Revolution Party sweeps elections
Mar 03, 2013 (The Dominion Post - McClatchy-Tribune Information Services via COMTEX) --
In last week's Student Government Association (SGA) elections, Ryan Campione was elected as president, while Ben Seebaugh was elected as vice president. The two were the leaders of the Revolution Party that swept the election, winning every seat on the SGA's Board of Governors and Athletic Council.
"It's crazy. It feels amazing," Campione said moments after the results were announced.
Seebaugh said it felt incredible knowing they won, but it also felt like a weight had been lifted off his shoulders.
The Truman Scholar is studying in Manchester, England this semester. But, he returned to the Morgantown campus last week for the debate and the election. Seebaugh said it was definitely worth it to make the return trip.
The Revolution Party defeated THE Party in the election. Christian Guy was also running for president and Andrea Mucino for vice president.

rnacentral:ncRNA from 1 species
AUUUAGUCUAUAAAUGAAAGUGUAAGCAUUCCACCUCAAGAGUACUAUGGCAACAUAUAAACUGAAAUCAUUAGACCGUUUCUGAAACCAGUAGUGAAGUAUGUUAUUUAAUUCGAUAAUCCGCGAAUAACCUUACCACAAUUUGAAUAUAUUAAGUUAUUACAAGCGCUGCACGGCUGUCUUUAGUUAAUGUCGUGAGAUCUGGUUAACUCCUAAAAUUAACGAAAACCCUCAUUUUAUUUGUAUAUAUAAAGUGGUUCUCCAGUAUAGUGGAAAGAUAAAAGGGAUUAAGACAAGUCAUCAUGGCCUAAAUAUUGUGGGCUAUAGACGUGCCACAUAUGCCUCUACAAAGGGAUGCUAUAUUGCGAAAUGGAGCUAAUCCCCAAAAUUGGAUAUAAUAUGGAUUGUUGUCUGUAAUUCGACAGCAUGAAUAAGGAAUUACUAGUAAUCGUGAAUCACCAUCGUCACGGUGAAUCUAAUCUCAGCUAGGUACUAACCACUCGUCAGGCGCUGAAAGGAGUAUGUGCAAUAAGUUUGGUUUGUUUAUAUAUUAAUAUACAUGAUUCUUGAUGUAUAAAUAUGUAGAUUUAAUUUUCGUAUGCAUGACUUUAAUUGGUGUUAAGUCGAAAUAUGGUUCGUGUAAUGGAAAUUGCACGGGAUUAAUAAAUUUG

Campione and Seebaugh received 2,543 votes to Guy and Mucino's 1,679.
Campione said they couldn't have won without the help of a lot of other people. He said the issues they ran on were a sleeping giant on campus and he felt that students agreed with them.
The Revolution Party's platform included making SGA more transparent by posting its budget online, and to get more students involved, not just in SGA, but in committee and decisions.
The third is to work with the faculty to help students in stressful times, such as a death in the family or hospitalization, Campione said. They want the educators to meet the student halfway to find solutions to missed class time, so students don't feel they miss the entire semester.
This year's election was a bit different than in years past. Students had visited designated voting sites to cast ballots instead of voting online. Monongalia County Clerk Carye Blaney provided assistance, allowing SGA to use county voting machines and helping tabulate the totals on election night.
In total, 4,289 votes were cast, or 15.41 percent of the student population. Last year, only roughly 10 percent of students voted.
After some students were able to use the county voting machines, Campione said they told him about how it changed opinions and lifted some of the voting apathy that they had.
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